Daljit Singh

The Moment of Truth for Brands

Breathing Life into Digital Services

2016 is set to be the year of the consumer, with brands committed to upping their spend on data-driven and automated services, but without losing that much desired human touch.

Long Live Marketing

Traditional marketing is dead, and many companies are finally coming to terms with the idea.

As we know only too well, today’s consumers are savvy and more cynical then ever. Years of overwhelming choice and messaging overload have spurned increasingly demanding consumers who have to act as ‘editors’ of their surroundings – killing satisfaction and loyalty. Western markets have produced savvy customers who don’t actually need very much but who have individual, ever changing wants. As a result, customers are increasingly less easily impressed by our products and services.

Anxiety in marketing departments has been bubbling to the boil over the last decade, with age-old certainties replaced by a lack of clear direction on how to grow sales and build loyalty in this new world. Past promises of technological panaceas have muddied the waters even more.  By 2017 total CRM spend is expected to grow to a $36.5bn market worldwide. Since 2011, each year around 49% of businesses said they plan to increase spending on CRM related services. These figures alone point towards 2016 being the year of the consumer and with old marketing tactics now a thing of the past.

Product Experience Is Where It Matters

The four P’s are a shadow of their former self.

’Place’ is all but irrelevant in a world where outlets are omnipresent and transactions are virtual and automated. Convenience is increasingly commonplace and rarely a differentiator. Similarly, differentiating on ’Price’ is becoming harder in a world where price promotions are constant and extreme. Today’s smart companies are stead-fast in their pricing, wearing their undiscounted price-tags as signifiers of quality. Then there’s ‘Promotion’. Once the weapon of choice for big brands, pumping out messaging is proving increasingly impotent, with even the most expensive of campaigns struggling to cut through the noise. Far from levers for differentiation, these three ‘P’s’ are little more than hygiene factors in modern markets.

Marketeers then, are left only with ‘Product’ to leverage for real growth and loyalty building. Is it little wonder that the smart marketing money has drifted further and further into the realms of design and innovation in recent years? Is it mere coincidence that the Oscars of ad-land Cannes Lions saw fit to introduce a ‘Product Design’ category to their accolades?

Real, loyalty-building differentiation today is rarely achieved with quick fixes of discount deals or multi-channel campaigns. Companies from across industries are coming to the realisation that their product or service – to be more specific, the ‘experience’ the customer has of it – is the new battlefield for consumer affection. The manufacturers or service providers who will survive the coming decade are the ones who strive to curate the most efficient and meaningful experiences for their customers across every touchpoint.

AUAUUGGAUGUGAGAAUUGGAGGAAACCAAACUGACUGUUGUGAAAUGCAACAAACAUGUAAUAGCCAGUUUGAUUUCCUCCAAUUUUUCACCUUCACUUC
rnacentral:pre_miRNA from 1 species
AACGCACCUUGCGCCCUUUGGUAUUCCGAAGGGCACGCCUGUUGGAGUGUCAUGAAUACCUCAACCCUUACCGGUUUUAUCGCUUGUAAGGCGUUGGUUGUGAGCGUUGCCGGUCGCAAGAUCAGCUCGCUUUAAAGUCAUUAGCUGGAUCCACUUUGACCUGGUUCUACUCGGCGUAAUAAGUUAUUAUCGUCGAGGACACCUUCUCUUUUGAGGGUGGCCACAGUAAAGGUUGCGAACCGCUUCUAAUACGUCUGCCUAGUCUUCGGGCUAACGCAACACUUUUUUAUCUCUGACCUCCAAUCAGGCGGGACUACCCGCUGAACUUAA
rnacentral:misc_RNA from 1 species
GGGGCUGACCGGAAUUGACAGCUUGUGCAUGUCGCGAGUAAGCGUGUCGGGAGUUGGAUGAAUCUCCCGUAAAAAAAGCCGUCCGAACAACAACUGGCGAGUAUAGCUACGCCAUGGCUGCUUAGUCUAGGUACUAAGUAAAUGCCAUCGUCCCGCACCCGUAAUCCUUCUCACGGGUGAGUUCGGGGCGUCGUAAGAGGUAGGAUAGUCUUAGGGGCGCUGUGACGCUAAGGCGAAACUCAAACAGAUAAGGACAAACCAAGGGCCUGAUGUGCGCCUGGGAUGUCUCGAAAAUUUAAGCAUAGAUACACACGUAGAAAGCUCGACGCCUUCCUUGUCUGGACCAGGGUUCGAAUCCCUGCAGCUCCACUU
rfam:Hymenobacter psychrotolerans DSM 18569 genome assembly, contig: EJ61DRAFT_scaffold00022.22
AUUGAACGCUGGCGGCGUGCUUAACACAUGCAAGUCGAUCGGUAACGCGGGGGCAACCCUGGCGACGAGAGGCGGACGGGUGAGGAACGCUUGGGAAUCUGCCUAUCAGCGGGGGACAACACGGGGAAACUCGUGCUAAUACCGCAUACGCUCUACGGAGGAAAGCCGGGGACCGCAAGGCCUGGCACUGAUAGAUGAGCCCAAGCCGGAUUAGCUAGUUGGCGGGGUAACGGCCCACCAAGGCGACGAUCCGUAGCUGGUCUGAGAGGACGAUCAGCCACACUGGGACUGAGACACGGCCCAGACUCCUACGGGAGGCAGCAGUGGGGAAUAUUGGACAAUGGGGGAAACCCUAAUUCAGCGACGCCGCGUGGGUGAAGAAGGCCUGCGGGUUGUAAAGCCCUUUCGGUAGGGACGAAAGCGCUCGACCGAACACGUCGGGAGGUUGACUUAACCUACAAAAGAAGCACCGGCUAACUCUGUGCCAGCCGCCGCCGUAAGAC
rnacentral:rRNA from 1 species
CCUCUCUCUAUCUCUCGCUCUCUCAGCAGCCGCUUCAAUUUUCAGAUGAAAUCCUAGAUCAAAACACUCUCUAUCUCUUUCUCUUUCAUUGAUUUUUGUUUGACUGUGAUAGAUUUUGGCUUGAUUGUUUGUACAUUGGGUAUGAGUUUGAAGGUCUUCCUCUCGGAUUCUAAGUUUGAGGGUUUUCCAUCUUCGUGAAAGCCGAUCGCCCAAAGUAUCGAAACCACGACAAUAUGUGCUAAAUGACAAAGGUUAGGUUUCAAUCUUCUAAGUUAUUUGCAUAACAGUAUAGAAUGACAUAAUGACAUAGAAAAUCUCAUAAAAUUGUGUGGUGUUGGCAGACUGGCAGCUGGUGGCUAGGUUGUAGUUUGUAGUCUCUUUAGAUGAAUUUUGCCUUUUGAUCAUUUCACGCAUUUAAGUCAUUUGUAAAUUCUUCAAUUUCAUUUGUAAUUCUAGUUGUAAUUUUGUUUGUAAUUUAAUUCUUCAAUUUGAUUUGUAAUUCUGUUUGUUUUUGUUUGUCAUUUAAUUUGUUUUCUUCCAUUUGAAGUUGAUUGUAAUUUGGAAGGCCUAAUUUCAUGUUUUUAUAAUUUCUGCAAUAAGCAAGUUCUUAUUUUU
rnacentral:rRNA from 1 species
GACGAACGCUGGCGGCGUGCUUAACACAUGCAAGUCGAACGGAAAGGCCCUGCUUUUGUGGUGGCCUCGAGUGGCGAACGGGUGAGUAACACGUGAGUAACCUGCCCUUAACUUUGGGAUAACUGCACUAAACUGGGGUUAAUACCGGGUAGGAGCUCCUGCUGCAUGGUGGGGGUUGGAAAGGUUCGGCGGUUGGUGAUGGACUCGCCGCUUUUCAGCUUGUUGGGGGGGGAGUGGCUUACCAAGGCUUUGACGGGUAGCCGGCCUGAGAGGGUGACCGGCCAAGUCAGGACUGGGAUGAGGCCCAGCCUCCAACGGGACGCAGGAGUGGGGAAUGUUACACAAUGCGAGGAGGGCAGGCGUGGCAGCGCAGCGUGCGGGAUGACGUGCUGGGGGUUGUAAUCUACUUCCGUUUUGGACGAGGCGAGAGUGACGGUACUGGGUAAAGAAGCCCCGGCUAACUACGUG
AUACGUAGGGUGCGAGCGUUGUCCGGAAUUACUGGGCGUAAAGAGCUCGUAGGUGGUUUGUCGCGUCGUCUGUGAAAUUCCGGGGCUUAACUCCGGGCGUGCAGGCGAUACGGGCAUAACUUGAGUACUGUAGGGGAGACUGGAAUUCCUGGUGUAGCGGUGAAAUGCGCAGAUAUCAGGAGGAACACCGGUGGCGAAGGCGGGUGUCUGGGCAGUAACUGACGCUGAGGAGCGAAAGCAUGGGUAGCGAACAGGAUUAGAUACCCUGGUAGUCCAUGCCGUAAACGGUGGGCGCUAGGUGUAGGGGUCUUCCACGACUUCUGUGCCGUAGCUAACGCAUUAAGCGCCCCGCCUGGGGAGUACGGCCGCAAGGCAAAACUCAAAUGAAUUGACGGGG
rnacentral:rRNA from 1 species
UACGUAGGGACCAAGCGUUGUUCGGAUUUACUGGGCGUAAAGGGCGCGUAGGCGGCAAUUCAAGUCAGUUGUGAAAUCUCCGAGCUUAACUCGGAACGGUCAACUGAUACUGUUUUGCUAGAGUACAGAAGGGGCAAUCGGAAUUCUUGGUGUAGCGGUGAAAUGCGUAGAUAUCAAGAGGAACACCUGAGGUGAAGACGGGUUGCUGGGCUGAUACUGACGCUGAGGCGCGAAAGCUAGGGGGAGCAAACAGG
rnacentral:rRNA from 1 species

Brands in the Era of Living Services

At Fjord, our report on the emerging ‘Era of Living Services’ details the new digital services landscape where ‘liquid expectations’ of customers cross with the automation and data-driven intelligence implied by the ‘digitization of everything’. This third wave of digital will be characterised by services that intelligently adapt to their customers in a way that has not been previously possible:

Living Services respond by wrapping around us, constantly learning more about our needs, intents and preferences, so that they can flex and adapt to make themselves more relevant, engaging and useful.

The shift taking place in digital services poses many challenges to existing business models, but also presents enormous opportunities to companies who can harness the powers of new digital technologies to transform their offer and experiences of their customers.

As well as the many technical challenges to operations this new landscape will bring, it strikes me that marketing will have to reimagine itself yet again to remain relevant in a world of automation where services blend with everyday life.

An interesting question occurred to me recently: where does the brand breathe in a Living Service? Undoubtedly, brands will compete for affection by striving for higher convenience, better seamlessness, more timeliness and greater anticipation of their customers needs and desires in ways that are only beginning to be imagined. One risk companies will face in striving for such levels of efficiency however, is the loss of character that can accompany utility. In a world where services are invisible and take place with near to zero interaction from the user, how will brands apply a human touch to their offer that will really speak to their users. When two service competitors achieve equal levels of technological sophistication, the triumphant will be the one that manages to nurture their brand at the same time as adapting to the new digital landscape. And, as we established, a multi-million dollar messaging campaign may not be enough to cut through.